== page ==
Just as Good: How Larry Doby Changed America’s Game by Chris Crowe, illustrated by Mike Benny

Just as Good

Homer, a young Cleveland boy, is ecstatic that Larry Doby has joined the Cleveland Indians. Here at last, is a chance to prove that Jackie Robinson is not just a fluke, that black folks can be just as good as white ones. Homer and his father eagerly listen to the fourth game of the World Series, rejoicing as Larry Doby makes a home run – one of the two scores to win the 2-1 game. In the morning, Homer and his dad see a picture of Doby and white teammate Steve Gromek hugging in the newspaper – and they feel that, at last, change is coming for black people.

Only You by Robin Cruise, illustrated by Margaret Chodos-Irvine

Only You

I’m a bit of a sucker for “precious” picture books with very few words and a general theme of “I love you”, clearly intended to be read to babies and young toddlers. This is a very nice example of the genre – sweet without being saccharine, expressing a parent’s delight in a child without romanticizing bad behavior (as some books of the type occasionally do.) I also appreciate how the illustrations show a diverse selection of children and parents – boys, girls, men, and women black, white, and brown.

Ten-Gallon Bart Beats the Heat by Susan Stevens Crummel, illustrated by Dorothy Donohue

Ten-Gallon Bart Beats the Heat

Texas is so hot that Ten-Gallon Bart (the dog) heads up to the Yukon to cool off (and maybe prospect for a bit of gold). When he gets buried in a crazy snowstorm, his friends head north to dig him out and bring him back home. This is not fine literature, but it’s fun. The children enjoyed the story, mama enjoyed the Texas drawlin’ and the fun cut paper illustrations. Crummel and Donohue also wrote two books about Ten-Gallon Bart before this (but that we read out of order): Ten-Gallon Bart and Ten Gallon Bart and the Wild West Show. We thoroughly enjoyed all three in this series.

The Uncorker of Ocean Bottles by Michelle Cuevas, illustrated by Erin E. Stead

The Uncorker of Ocean Bottles

A man has the lonely job of uncorking ocean bottles and taking them to their recipient. He dreams of having a bottle addressed to him, but knows there is little chance since he has no friends. But, as Tirzah Mae pointed out: “Well, then, he should make some friends!” And so he does, with the help of an anonymous bottle. A sweet and lovely book.

The Cello of Mr. O by Jane Cutler, illustrated by Greg Couch

The Cello of Mr. O

A young girl grows up in a war zone. Wednesday afternoon relief trucks are the only thing she has to look forward. Until a bomb strikes the relief truck and their drop-off point is cancelled. But the neighbor, Mr. O brings out his cello and plays in the center of the empty war-ruined square, giving everyone hope. This is a weighty book, but a wonderful one.

The Little Fire Truck by Margery Cuyler, illustrated by Bob Kolar

The Little Fire Truck

A relatively simple book with thick, tear-proof pages. Each page starts “I’m a little fire truck…” and can (generally) be sung to the tune of “I’m a little teapot.” Louis (who is obsessed with trucks) and Beth-Ellen (who is obsessed with singing) particularly enjoyed this title, requesting it over and over and over again until I had no voice to sing and had to refuse to read it again.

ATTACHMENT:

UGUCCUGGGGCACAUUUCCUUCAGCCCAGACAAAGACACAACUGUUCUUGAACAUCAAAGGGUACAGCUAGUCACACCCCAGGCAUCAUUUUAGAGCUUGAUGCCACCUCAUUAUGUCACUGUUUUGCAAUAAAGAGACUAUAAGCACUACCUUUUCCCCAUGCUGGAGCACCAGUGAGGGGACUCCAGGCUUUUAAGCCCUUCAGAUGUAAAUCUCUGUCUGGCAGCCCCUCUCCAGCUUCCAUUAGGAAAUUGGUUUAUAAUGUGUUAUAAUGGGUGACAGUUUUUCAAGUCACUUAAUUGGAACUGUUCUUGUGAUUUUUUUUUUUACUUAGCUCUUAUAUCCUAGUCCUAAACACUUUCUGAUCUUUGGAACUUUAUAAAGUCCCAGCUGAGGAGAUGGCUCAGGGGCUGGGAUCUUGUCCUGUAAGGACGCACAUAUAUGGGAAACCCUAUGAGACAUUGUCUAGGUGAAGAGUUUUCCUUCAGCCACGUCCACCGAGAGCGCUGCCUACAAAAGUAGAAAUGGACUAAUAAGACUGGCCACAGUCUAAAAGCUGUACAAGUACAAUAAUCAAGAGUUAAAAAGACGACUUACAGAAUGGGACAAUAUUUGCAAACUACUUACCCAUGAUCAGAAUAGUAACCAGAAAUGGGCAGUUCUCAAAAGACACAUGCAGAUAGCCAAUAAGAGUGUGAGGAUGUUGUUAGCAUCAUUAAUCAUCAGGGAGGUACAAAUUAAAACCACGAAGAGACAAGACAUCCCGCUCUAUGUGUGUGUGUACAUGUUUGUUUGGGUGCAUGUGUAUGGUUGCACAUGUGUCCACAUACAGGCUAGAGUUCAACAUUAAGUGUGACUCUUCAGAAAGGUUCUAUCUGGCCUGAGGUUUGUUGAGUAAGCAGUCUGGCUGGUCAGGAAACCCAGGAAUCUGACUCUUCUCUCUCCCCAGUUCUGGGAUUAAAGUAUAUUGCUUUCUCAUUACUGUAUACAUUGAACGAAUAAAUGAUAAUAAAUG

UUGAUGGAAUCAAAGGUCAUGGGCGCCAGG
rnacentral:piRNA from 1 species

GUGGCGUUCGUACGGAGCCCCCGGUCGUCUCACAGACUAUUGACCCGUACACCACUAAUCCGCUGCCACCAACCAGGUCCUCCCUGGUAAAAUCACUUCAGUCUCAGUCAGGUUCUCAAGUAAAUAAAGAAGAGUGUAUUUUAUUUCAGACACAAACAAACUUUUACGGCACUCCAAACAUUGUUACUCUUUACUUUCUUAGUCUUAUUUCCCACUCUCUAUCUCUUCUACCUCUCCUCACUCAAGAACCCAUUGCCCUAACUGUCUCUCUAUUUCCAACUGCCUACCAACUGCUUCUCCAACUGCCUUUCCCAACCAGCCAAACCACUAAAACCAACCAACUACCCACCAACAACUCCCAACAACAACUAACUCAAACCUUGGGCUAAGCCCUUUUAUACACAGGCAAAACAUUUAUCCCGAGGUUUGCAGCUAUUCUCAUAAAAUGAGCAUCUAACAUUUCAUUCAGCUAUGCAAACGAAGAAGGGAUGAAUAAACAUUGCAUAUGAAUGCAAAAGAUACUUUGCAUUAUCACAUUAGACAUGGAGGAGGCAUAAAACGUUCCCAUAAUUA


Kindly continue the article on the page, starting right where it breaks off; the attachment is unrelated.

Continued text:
Reading My Library (13.5 years)

March 10th, 2020

March 5 just so happened to be the half-year mark on my “reading my library” challenge, which I began on September 5, 2006. So we’re about 13.5 years in. So far, it looks like this year will look relatively similar to last year – except that we’re reading a lot more juvenile picture books compared to other types of books/materials.

TOTALS as of March 10, 2019 (13 years and 187 days or 4935 days)

Category Items in past 6 months Items in 2018-2019 Total Items
Juvenile Picture 272 323 2252
Juvenile, Board Books 14 31 557
Juvenile, First Readers 1 2 78
Juvenile, Chapter 0 0 92
Juvenile Fiction 2 4 326
Juvenile Nonfiction 28 133 441
Teen Fiction 0 3 52
Teen Nonfiction 0 6 11
Adult Fiction 9 22 499
Adult Nonfiction 16 49 1018
Audio CD 142 488 1563
Juvenile DVD 6 8 67
Adult Fiction DVD 1 5 113
Adult Nonfiction DVD 1 18 64
Periodicals 2 33 129
Total 494 items 1125 items 7262 items
2.93 items/day 2.94 items/day 1.21 items/day

We are racing through the children’s picture books, having read 84% of last year’s total in just 6 months! I’m loving having found something that’s working for us for read-aloud time. Juvenile nonfiction intake, on the other hand, has plummeted (only 21% of last year’s total so far this year) as we’ve spent a lot more time in the car, which makes me less likely to want to go INTO the library (and therefore less likely to let the kids pick out their own favorites) – we’ve been doing a lot more just driving through the window to pick up our holds on the next picture books in line.

Grown-up reading seems a bit low so far, but it’s always a little hard to tell actual status on that, since I always have quite a few books going at any given time (I think I have about 10 going as we speak, give or take). Also, especially when it comes to fiction, I tend to go in spurts and fits. I’m guessing I’ll be doing lots more grown-up reading after the new baby comes when I’ll be breastfeeding all the time.